By COL Jim Rice, AW2 Director
At each of the last six AW2 Symposiums, we’ve given the delegates a mission: to be the voice of the thousands of wounded warriors, their Families, and their caregivers. Like delegates in years past, 2010 Symposium delegates accepted the mission and got the job done.
On Friday morning, each of the five delegate focus groups briefed senior officials from Army, Veterans Affairs (VA), and other agencies on their top issues. AW2 Veteran John Wright, spokesman for the careers focus group, got the session off to a great start when he plopped Veteran Scott Stephenson’s prosthetic on the podium and told the audience that his group “had a leg up on the rest of the delegation.”
After the briefing, the delegates voted to prioritize the top issues facing Army wounded warriors, their Families, and their caregivers. This year, the delegates selected the following things to be addressed:
- Medically retired service member’s eligibility for Concurrent Receipt of Disability Pay (CRDP)
- Post 9/11 GI Bill transferability to dependents for all medically retired servicemembers
- Mandatory post-traumatic stress disorder/traumatic brain injury (PTSD/TBI) training for VA healthcare staff
- Transfer option from Temporary Disability Retired List (TDRL) to Permanent Disability Retired (PDR) for wounded warriors
- Benefits and entitlements information to wounded warrior primary caregivers
Senior Army, MEDCOM, and VA leaders listened firsthand to the delegates talk about these issues and committed to work hard to resolve them.
Now that the votes are in, my team and I will get to work. We’ll coordinate with other programs within the Army, throughout DOD, and other federal agencies, especially those within VA. In addition to their commitment, I promise that AW2 will do all it can to continue to provide personalized support for as long as it takes. It’s our honor and privilege.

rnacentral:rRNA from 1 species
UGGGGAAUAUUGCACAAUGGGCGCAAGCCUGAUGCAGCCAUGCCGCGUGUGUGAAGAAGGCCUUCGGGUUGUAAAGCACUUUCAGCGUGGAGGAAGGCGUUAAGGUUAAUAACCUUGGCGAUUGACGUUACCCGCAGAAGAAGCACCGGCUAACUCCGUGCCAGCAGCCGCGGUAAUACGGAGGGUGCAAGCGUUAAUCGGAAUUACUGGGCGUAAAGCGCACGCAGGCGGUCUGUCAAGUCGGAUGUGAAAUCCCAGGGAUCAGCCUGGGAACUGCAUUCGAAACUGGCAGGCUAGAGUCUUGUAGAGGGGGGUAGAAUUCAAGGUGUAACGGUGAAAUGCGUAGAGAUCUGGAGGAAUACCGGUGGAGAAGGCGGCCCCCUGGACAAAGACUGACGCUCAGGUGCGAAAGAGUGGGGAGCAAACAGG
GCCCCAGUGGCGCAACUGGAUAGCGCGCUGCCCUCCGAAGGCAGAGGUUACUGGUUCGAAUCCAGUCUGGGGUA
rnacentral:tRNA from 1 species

This week at the AW2 Symposium, there was a lot of hard work by our delegates—65 severely wounded, ill, and injured Soldiers, Veterans, and their Families. They opened up about experiences they don’t typically share, they tackled hard issues facing wounded warriors, and came together to prioritize areas for change to improve things for those who come next—all while dealing with their own ongoing medical challenges such as burns, amputations, TBI, and PTSD. I was proud of how they continued to serve the Army. Their efforts will impact generations to come.
I thought AW2 spouse Loree Pone put it well, she said, “Delegates had a lot of compassion for other peoples’ issues—we’re here to make things better for the wounded Soldiers that follow. I know that some of these issues will take time to resolve, but I know that the Army will work to fix them as quickly as possible.”
I appreciate all the 2010 Symposium delegates, as well as delegates from all previous AW2 Symposiums, for taking the time to come and tell the Army how we can continue to improve the care we provide to severely wounded warriors and their Families. We heard your concerns, and now it’s time to take action.